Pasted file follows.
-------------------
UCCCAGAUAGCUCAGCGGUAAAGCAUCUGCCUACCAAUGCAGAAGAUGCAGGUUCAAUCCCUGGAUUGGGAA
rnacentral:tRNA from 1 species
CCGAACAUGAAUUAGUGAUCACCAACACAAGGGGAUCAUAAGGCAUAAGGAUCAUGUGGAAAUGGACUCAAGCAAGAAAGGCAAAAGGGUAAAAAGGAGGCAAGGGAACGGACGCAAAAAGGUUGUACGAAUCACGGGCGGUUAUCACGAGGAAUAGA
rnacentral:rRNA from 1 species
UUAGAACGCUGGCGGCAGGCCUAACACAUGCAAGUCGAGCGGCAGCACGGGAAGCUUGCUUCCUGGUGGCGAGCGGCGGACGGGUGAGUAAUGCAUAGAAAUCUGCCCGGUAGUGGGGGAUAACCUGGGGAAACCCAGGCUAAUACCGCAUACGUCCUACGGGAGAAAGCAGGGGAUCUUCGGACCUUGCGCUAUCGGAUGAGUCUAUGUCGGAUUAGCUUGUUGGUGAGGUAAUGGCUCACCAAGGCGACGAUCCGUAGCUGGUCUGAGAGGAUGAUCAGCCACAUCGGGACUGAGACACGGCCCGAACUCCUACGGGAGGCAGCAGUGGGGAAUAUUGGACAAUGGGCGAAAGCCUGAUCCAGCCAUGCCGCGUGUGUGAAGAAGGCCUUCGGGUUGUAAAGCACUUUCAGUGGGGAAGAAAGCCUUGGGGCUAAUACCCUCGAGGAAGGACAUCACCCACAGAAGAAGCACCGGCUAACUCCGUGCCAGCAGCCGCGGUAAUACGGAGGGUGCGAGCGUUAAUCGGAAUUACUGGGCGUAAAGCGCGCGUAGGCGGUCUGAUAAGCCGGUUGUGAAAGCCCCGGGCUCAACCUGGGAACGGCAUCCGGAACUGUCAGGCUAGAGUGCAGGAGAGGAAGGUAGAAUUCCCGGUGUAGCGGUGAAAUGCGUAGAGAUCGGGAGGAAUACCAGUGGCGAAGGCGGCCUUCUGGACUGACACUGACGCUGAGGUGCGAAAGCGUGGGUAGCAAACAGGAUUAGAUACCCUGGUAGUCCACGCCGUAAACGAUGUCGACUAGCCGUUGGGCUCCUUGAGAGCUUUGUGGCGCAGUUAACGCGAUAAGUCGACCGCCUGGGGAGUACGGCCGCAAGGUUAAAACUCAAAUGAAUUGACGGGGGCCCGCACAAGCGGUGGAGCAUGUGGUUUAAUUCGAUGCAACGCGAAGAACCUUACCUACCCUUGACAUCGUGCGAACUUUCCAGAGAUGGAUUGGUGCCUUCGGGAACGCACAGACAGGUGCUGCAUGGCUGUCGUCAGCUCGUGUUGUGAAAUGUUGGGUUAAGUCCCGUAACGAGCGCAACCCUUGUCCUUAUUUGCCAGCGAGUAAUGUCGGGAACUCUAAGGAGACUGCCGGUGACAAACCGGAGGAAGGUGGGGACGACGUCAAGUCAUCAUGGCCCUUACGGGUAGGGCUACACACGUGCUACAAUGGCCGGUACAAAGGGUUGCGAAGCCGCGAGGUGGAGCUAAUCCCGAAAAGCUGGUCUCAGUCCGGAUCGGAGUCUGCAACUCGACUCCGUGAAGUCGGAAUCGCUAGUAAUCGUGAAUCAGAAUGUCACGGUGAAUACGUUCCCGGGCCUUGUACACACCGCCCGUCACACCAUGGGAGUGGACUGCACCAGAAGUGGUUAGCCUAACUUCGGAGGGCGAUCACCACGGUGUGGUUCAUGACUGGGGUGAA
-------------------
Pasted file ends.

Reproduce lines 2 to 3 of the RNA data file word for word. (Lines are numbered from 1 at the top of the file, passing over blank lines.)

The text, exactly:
rnacentral:tRNA from 1 species
CCGAACAUGAAUUAGUGAUCACCAACACAAGGGGAUCAUAAGGCAUAAGGAUCAUGUGGAAAUGGACUCAAGCAAGAAAGGCAAAAGGGUAAAAAGGAGGCAAGGGAACGGACGCAAAAAGGUUGUACGAAUCACGGGCGGUUAUCACGAGGAAUAGA